It’s undeniable that plastic plays a major role in contributing to our well-being. Instead of trying to find a way to get rid of plastic, we should find ways to happily live with it.
Building ‘The Beginning’ and ‘The End’ Sustainably with Upcycling Bins for Cafés
‘A good design means adding value to not only the product but also the whole process.’ This principle inspired Teerachai Suppameteekulwat, design director and co-founder of Qualy, along with TPBI Public Company Limited, a producer in the integrated packaging industry that mainly produces plastic bags, to join together to come up with a business model that is more sustainable and eco-friendly. Ultimately, this resulted in the design of a waste bin that promotes waste separation at cafes.
Teerachai told us about the initial idea behind his project that encouraged him to do something different rather than just adding value to a material. “Normally, plastic waste left in the factory is more likely to be recycled to produce new bags which only partially hit the nail on the head. However, this project encouraged me to highlight a disregarded yet interesting angle. For instance, it’s encouraging waste separation in cafes or other places with positive results on a daily basis by making it beneficial for us and the environment in the long run.”
“Therefore, the idea is to not only develop a synthetic ‘wood-made’ waste bin that promotes waste separation of recyclable plastic, but to provide a functional and efficient system that effectively reduces the amount of waste. We want to encourage people to sort straws and ice from the cup before discarding it, while the space to hold cups is large, as big as normal bins. The objective is to promote systematic waste sorting, thereby contributing to less waste. In addition, the straws are used by patients as a substitute for cotton filling, while the cups and lids are sold to make an extra income.”
Another problem with a waste separation bin is that some people find it difficult to use, or it features an unimpressive design and may be impractical for use in public areas. If we can develop a bin that is easy-to-use, functional, and features a friendly design that blends in well with its surroundings, it will result in increased recycling and added value through a longer lifecycle for plastic.
Mr. Teerachai Suppameteekulwat , Design Director and Co-founder of Qualy, along with Mr. Gun Veeragun from TPBI Public Company Limited.
Upcycled Rooftop Provides Full Benefits for People and the World
This product was developed and co-designed by Ratiwat Suwannatrai, designer of OpenBox, in collaboration with RFS Co., Ltd., Ramathibodi Hospital using an eco-friendly material (wood substitute) that is durable and requires little care or maintenance, making it the perfect substitute material for outdoor use in structural work benefiting everyone at the hospital.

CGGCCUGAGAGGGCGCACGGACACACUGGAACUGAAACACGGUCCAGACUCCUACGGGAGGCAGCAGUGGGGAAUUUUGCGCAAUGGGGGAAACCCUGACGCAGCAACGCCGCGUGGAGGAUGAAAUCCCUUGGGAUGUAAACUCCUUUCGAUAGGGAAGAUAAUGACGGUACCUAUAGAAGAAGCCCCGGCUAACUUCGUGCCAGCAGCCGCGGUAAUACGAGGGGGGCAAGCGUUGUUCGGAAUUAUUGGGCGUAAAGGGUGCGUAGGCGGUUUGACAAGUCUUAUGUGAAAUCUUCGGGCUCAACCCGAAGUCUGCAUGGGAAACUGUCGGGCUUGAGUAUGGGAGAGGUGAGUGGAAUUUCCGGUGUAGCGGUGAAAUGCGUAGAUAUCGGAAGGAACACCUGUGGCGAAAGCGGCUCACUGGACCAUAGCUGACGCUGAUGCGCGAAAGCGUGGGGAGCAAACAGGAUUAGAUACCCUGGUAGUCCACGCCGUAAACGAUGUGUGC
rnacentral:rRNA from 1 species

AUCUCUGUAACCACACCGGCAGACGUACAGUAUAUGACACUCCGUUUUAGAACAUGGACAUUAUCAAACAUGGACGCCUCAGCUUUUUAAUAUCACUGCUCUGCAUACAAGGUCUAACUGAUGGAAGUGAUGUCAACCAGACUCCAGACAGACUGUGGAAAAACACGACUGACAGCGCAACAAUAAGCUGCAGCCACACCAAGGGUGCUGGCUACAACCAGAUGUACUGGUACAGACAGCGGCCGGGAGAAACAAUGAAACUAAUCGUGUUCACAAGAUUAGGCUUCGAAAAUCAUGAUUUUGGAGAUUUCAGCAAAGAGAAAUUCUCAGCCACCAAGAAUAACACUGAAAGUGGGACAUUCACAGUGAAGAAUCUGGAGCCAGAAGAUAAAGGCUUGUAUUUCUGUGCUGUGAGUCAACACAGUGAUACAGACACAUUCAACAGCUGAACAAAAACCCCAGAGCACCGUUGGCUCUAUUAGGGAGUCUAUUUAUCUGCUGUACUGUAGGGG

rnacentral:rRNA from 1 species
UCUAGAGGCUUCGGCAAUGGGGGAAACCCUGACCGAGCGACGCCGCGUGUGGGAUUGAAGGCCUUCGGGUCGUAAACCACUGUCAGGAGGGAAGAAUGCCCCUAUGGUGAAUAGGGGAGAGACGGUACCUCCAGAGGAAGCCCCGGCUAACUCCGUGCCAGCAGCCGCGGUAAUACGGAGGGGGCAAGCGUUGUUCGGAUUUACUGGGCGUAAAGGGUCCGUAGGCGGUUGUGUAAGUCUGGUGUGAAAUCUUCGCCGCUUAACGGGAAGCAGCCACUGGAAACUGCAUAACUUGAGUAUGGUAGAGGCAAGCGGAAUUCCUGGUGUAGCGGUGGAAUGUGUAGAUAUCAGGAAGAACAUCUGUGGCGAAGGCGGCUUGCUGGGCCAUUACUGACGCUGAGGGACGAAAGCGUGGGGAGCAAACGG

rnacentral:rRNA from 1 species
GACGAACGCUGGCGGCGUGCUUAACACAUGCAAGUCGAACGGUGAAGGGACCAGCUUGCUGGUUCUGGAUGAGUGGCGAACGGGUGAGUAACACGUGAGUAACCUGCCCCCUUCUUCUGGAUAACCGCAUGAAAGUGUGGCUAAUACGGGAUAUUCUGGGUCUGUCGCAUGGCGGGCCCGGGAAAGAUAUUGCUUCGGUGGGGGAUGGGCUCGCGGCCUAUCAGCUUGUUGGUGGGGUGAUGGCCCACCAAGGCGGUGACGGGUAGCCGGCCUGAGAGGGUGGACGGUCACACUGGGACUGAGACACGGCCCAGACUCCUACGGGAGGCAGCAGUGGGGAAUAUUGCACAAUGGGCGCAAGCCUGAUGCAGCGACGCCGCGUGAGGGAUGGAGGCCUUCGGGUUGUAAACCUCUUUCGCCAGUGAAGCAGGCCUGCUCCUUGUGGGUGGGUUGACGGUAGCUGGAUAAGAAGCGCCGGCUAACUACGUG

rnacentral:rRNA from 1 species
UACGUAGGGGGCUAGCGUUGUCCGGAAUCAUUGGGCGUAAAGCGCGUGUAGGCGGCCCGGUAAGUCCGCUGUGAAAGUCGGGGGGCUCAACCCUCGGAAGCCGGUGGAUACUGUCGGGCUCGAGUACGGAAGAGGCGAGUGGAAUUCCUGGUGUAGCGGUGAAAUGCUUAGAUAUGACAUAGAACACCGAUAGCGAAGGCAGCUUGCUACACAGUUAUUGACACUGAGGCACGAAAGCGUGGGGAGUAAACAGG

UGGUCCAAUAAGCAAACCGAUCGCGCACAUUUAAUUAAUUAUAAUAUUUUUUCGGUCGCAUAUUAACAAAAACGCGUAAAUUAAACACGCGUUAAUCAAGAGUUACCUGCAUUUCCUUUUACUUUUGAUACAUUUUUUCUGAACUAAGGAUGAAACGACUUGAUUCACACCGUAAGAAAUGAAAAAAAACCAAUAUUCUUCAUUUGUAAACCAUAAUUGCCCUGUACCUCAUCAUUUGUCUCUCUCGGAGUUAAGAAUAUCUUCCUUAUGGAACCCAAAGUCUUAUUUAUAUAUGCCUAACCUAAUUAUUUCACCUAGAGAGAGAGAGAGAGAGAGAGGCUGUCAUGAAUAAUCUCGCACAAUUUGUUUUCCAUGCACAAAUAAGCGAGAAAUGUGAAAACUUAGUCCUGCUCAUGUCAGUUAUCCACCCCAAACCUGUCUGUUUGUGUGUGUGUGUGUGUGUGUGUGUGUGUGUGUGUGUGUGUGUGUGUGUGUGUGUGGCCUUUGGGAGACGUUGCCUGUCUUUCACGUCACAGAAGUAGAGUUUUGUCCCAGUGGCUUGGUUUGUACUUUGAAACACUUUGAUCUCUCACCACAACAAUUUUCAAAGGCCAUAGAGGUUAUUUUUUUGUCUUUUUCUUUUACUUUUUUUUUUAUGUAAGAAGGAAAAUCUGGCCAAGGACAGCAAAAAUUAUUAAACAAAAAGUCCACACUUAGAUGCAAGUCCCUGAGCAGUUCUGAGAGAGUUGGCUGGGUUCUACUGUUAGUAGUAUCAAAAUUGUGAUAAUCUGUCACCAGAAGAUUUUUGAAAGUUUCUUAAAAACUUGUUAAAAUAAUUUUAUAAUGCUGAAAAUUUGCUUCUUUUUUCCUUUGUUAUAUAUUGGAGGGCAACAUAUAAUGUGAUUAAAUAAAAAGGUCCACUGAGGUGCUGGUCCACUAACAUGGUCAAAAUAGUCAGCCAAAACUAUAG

Ratiwat discussed the project noting that, “I’m so thrilled to have a chance to be associated with this because I’ve seen how new and creative ideas can really flourish. Even the architectural design, which is considered a made-to-order work, can be inspirational to others in developing a product that can make a difference in the world.
The idea was to turn the roof area of the hospital into a designated treatment and rehabilitation area for patients. Therefore, the designer decided to use synthetic wood produced from used materials in the hospital to make padded flooring, as a form of foot therapy to help increase nerve stimulation and blood circulation. Furthermore, an adjacent area for hand therapy was built and equipped with hand rails designed to more efficiently meet the movements and grips of patients’ hands and fingers. The roof was made of polymer rebar like GFRP rebar (glass fiber reinforced polymer rebar) as a substitute for steel bars which reduces both cost and resource consumption, but retains durability and flexibility.
Mr. Ratiwat Suwannatrai, designer of OpenBox, along with Mr. Thaksin Chueng-ru, Mr. Wisavachit Saensuk, and Mr. Sattawat Suraruengchai from RFS Co., Ltd., Ramathibodi Hospital
It doesn’t matter what kind of business we engage in, we just have to know how to apply our knowledge to the cycles of production and consumption. Ultimately, we can better support environmental and resource conservation and rehabilitation. It’s time that everyone supports products made of leftover plastic waste using the upcycling process as it’s an effective way to reduce waste throughout the world. These products are already providing social and commercial benefits and are for sale at the CSC Shop by GC and a network of partners. Anyone who is interested is welcome to visit the locations where these products are for sale. It’s worth checking out!
This content is an excerpt of interviews in “Turning Problems into Opportunities using ‘Upcycling, Upstyling’ Designs’” in A Day Magazine’s website (July 23, 2020).